BOUNDARY COUNTRY TREKKING
BWCA Canoe Trip Routes
Gunflint Trail, Grand Marais, MN
Following are a few of our favorite Boundary Waters canoe routes. Under "sites to see and things to do," we list interesting sites and places you might want to visit. Included in this list are places where past generations of people left their mark. The area we now know as the Boundary Waters has been inhabited by people for some ten-thousand years— first by native people, then by voyagers, explorers, miners, loggers, homesteaders and now you.
Whatever route you choose we will go over with you the many interesting things to do and sites to visit along the way.
However, it should be noted that any man-made artifacts found in the area are there only to be viewed and photographed. It is strictly against the law to remove, move or destroy any artifacts you find.Back to Canoe Trips
Begin at our dock, paddle through Poplar, Lizz, Caribou, Horseshoe and Gaskin Lakes. Base camp in Gaskin lake or the next lake, Winchell. Great camp sites on both lakes. Nice old-growth pine in Caribou, Horseshoe and Gaskin. Explore the many day-loops in this area from your base camp. Or move your camp each day making a loop from Winchell, through the less traveled lakes of Omega, Henson, Pillsbury, Allen and back to Horseshoe, Caribou, Lizz, Poplar and return to our dock.Sites to see and things to do:
Begin at our dock paddle through Poplar, Lizz, Caribou, Horseshoe, Gaskin to Winchell. From Winchell paddle to Brule through Wanihigan, Grassy and Mulligan Lakes. Then return to Winchell through the Cones and Cliff Lakes. Cliff lake lives up to its name and truly is surrounded by cliffs. From Winchell, return to our dock through Omega, Henson, Pillsbury, and Allen to Horseshoe, caribou, Lizz, and Poplar. With the exception of Winchell and Brule, most of the lakes along this route are small. Portages are fairly easy and well traveled with the exception of a couple longer ones out of Wanihigan Lake.Sites to see and things to do:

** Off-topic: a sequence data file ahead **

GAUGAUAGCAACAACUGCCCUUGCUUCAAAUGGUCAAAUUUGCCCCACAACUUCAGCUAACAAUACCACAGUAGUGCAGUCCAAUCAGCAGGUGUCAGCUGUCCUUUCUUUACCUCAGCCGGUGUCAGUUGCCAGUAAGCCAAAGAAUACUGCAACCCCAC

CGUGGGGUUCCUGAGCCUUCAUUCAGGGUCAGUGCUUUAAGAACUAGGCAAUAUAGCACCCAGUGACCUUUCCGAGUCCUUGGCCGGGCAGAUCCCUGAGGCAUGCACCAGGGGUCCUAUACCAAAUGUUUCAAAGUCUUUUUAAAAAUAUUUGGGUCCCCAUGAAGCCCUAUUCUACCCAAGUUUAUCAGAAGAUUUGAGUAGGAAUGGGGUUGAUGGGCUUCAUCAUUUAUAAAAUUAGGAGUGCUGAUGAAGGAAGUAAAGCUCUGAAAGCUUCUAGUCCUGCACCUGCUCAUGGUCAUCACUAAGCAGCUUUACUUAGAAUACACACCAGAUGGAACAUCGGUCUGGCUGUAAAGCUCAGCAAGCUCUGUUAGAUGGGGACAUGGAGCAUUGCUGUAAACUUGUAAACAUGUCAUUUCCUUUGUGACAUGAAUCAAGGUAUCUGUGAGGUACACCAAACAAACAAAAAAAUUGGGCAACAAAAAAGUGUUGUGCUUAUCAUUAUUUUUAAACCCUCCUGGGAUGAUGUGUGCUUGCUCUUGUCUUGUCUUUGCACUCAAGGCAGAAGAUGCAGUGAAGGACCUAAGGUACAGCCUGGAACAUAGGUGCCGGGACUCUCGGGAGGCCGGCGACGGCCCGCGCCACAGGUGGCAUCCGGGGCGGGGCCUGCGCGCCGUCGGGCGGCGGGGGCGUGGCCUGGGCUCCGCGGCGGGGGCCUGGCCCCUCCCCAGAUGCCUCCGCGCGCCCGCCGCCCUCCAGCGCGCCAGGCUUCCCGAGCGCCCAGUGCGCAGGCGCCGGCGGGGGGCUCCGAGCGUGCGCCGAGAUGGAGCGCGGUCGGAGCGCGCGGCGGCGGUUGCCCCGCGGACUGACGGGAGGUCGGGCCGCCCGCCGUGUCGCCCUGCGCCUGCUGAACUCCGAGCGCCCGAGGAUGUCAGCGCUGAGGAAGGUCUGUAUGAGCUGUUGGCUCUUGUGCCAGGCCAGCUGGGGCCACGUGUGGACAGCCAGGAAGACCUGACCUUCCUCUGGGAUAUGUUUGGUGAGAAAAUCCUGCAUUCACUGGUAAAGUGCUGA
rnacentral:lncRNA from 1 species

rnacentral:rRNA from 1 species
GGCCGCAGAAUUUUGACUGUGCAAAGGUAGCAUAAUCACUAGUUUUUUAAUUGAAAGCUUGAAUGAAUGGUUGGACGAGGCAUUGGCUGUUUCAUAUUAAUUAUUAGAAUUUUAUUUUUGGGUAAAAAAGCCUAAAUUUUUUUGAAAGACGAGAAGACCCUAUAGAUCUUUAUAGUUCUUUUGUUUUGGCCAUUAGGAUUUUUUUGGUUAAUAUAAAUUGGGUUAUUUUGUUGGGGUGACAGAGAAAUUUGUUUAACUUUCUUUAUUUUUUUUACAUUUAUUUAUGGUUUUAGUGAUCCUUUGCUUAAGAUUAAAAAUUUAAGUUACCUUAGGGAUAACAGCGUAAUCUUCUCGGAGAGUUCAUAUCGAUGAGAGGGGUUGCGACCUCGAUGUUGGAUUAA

Beginning at Gunflint Lake, follow the legendary Voyageur Highway along the U.S.-Canadian Border through Little Gunflint, North, South, Rat, Rose, Duncan to West Bearskin Lakes, moving camp as you go. On this route you paddle through some of the Boundary Waters clearest lakes. Plan to spend at least one day sightseeing at the famed Rose Lake Stairway Portage and Falls. Since most of the lakes are large on this route, wind could force you to hold-up at a campsite. No problem though! This delay would give you chance to do a little hiking on the Border Route Hiking Trail.Sites to see and things to do:
Begin at our dock, paddle through Poplar Lake, take the one-mile portage into Skipper Lake, then lift-over a beaver dam and paddle through a beaver swamp to Little Rush. Watch for moose! Short rough portage into Rush Lake, then into Banadad (Ojibwa word for "lost") crossing the Banadad Ski Trail. From Banadad, travel through a series of small lakes with long, rugged portages into Long Island. There are many good camping sites on Long Island, good lake trout fishing and it is a beautiful lake. Return through Muskeg, Kiskadinna, Omega (Ojibwa word for "beaver"), Hanson, Pillsbury, Allen, Horseshoe, Caribou, Lizz, Poplar and back to our dock. The lakes in this route tend to be small and narrow with the exception of Long Island, which is large and is dotted with islands. Not many canoeists go this way, so much of the route is very remote and quiet.Sites to see and things to do: